THE oil market extended one of its steepest declines in recent years with Brent crude plummeting past the $60 a barrel mark after the influential oil cartel Opec met in Vienna to decide production levels for the next six months.
Prices fell sharply as traders remained concerned that Opec would fall short of expectations, amid mounting pressure from US President Donald Trump, who is agitating for a reduction in the cost of crude.
Brent crude fell as much as 5pc in afternoon trade before settling 3pc down at $59.67, while West Texas Intermediate tumbled below $51 a barrel before ending 3.1pc lower at $51.24.
Opec agreed a tentative oil production cut during the meeting but said it was waiting to hear from non-Opec member Russia, a key ally of the cartel, before deciding the exact volumes. The group will release further details today.
Shares in oil and gas giant BP fell 23.7p to 503.3p on the back of the news, while Premier Oil ended 11.45pc, or 8.55p, lower at 66.10p
Stock markets nosedived across the board yesterday after the arrest of Meng Wanzhou, the chief financial officer of Huawei. Investors worried the relationship between Washington and Beijing would be strained with the Chinese business woman facing possible extradition to the US.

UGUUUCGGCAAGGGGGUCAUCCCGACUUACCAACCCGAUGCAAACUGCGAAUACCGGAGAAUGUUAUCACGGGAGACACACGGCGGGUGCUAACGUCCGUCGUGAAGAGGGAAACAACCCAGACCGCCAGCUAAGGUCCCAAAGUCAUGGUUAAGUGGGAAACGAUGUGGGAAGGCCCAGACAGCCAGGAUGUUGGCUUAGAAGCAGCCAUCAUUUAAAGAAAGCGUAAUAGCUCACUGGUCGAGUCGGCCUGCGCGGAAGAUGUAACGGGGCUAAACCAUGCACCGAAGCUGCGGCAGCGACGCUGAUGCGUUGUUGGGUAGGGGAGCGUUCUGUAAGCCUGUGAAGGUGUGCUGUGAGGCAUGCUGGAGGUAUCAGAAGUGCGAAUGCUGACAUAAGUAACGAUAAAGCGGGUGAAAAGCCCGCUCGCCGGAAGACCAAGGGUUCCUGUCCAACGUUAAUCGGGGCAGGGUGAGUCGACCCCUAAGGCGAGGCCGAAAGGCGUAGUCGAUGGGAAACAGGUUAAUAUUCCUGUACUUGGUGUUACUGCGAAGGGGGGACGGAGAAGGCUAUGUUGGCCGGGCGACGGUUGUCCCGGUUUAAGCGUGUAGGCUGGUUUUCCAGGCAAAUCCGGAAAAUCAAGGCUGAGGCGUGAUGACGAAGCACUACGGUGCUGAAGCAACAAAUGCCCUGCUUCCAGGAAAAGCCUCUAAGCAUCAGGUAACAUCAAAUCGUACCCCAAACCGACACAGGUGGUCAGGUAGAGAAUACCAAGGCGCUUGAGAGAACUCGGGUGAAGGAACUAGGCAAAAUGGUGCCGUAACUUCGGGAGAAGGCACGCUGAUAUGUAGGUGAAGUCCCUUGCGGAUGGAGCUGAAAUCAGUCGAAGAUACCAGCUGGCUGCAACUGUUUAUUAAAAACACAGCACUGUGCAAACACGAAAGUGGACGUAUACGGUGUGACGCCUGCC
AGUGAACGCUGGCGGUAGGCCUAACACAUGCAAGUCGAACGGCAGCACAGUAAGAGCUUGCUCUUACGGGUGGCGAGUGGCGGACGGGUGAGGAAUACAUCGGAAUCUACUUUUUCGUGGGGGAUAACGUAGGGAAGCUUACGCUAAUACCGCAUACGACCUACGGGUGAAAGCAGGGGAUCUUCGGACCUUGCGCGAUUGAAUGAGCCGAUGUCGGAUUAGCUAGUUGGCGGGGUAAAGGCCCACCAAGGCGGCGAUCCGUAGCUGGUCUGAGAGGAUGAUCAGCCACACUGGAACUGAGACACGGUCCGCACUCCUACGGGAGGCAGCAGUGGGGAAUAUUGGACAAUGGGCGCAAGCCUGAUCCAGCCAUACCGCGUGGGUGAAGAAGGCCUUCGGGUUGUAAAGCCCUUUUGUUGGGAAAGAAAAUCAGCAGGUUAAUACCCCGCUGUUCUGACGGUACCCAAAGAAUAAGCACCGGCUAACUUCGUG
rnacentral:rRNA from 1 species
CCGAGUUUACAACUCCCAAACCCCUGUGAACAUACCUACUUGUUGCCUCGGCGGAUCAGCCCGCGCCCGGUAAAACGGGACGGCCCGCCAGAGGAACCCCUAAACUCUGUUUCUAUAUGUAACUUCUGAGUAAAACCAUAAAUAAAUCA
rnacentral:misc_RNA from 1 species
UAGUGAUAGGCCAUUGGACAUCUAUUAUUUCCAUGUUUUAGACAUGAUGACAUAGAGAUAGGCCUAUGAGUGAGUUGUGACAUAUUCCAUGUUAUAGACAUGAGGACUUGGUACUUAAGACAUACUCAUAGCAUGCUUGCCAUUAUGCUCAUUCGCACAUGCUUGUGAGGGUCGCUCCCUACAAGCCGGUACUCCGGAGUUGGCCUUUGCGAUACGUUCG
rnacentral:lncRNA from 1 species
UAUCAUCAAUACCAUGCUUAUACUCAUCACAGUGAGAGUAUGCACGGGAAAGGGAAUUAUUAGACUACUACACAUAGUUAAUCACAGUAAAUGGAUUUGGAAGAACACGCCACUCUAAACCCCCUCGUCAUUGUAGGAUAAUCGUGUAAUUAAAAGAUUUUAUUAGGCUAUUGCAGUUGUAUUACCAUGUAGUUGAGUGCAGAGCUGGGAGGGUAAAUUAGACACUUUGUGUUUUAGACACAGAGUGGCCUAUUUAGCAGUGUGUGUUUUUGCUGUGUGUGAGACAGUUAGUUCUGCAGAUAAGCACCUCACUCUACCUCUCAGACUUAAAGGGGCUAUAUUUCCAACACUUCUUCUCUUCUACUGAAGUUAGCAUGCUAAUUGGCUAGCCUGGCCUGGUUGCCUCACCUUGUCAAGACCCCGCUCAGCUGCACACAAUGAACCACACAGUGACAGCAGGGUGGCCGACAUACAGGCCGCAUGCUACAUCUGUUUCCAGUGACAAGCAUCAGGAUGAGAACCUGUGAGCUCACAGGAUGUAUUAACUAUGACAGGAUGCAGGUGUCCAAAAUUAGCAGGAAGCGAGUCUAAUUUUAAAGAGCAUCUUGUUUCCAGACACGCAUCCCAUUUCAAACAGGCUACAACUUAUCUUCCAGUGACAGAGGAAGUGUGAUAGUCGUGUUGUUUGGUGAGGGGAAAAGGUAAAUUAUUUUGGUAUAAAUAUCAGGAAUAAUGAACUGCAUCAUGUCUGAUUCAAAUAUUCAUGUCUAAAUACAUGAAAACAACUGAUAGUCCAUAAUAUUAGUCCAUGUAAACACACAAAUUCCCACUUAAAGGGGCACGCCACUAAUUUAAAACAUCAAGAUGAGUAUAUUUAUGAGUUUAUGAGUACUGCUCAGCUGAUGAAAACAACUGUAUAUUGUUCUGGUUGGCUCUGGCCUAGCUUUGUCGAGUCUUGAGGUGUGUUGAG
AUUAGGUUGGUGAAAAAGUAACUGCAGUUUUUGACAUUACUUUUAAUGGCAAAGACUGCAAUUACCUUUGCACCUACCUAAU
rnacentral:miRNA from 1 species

The FTSE 100 suffered its worst day of trading in two years, closing 217.79 points down, or 3.15pc, at 6,704.05, with the FTSE 250 finishing 517.79 points, or 2.83pc, lower at 17,753.31.
Stocks in Europe followed suit, with the German DAX slipping 389.26 points, or 3.48pc, to 10,810.98 and the Paris CAC 40 falling 163.90 points, or 3.31pc to 4,780.46.
Antofagasta was the biggest large-cap faller in the UK, down 7.07pc to 760.0p, while luxury fashion firm Ted Baker was among the mid-cap winners.
Shares at the clothing retailer rose 1.55pc to £14.90 after it reported that retail sales jumped 2.3pc and online sales rose 18pc in its latest trading update. Stocks were hit on Monday following allegations of inappropriate behaviour by the firm’s founder and chief executive, Ray Kelvin. The company confirmed it had hired a law firm to investigate the harassment claims.
Meanwhile shares in struggling tour operator Thomas Cook wiped out Wednesday’s gains, down 1.74p, or 5.1pc, to 32.66p. It has been a turbulent few weeks for the travel firm after shares fell to their lowest level since 2013 following its third profit warning of the year.
FTSE Russell, the global index provider, on Wednesday confirmed that Thomas Cook would be one of the six companies exiting the FTSE 250 index in the December 2018 quarterly review.